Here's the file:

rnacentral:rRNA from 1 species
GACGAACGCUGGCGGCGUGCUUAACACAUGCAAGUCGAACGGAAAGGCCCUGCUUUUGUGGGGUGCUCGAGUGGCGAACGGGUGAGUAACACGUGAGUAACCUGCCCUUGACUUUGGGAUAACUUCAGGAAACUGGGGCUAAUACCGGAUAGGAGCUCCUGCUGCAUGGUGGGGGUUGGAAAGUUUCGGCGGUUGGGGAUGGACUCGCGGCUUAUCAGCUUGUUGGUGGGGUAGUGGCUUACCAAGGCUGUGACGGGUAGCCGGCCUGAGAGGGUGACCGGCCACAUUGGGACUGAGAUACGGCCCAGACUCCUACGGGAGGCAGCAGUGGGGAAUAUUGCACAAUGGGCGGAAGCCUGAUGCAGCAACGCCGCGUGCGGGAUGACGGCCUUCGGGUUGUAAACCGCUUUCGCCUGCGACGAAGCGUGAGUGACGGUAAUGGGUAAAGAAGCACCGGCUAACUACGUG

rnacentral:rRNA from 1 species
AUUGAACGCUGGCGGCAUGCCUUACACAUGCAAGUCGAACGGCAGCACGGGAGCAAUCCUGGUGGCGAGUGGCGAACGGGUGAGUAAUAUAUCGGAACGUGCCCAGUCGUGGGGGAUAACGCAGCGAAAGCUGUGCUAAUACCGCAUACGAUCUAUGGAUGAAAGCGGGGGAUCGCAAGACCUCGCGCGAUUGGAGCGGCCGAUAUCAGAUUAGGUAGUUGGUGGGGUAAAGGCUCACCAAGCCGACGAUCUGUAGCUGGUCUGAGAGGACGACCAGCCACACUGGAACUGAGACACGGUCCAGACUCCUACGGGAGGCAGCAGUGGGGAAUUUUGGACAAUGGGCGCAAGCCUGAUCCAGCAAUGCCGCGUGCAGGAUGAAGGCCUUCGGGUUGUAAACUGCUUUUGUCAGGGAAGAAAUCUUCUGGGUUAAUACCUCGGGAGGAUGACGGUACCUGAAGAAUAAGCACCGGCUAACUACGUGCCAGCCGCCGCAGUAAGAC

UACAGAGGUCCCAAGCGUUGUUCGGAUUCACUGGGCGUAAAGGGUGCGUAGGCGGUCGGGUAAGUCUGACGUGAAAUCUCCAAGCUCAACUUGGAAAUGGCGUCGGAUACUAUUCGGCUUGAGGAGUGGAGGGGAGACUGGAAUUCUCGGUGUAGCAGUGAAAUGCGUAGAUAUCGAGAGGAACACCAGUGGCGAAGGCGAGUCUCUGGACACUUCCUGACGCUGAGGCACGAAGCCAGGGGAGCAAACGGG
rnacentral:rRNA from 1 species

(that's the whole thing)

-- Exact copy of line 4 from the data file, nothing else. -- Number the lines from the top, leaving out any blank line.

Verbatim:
AUUGAACGCUGGCGGCAUGCCUUACACAUGCAAGUCGAACGGCAGCACGGGAGCAAUCCUGGUGGCGAGUGGCGAACGGGUGAGUAAUAUAUCGGAACGUGCCCAGUCGUGGGGGAUAACGCAGCGAAAGCUGUGCUAAUACCGCAUACGAUCUAUGGAUGAAAGCGGGGGAUCGCAAGACCUCGCGCGAUUGGAGCGGCCGAUAUCAGAUUAGGUAGUUGGUGGGGUAAAGGCUCACCAAGCCGACGAUCUGUAGCUGGUCUGAGAGGACGACCAGCCACACUGGAACUGAGACACGGUCCAGACUCCUACGGGAGGCAGCAGUGGGGAAUUUUGGACAAUGGGCGCAAGCCUGAUCCAGCAAUGCCGCGUGCAGGAUGAAGGCCUUCGGGUUGUAAACUGCUUUUGUCAGGGAAGAAAUCUUCUGGGUUAAUACCUCGGGAGGAUGACGGUACCUGAAGAAUAAGCACCGGCUAACUACGUGCCAGCCGCCGCAGUAAGAC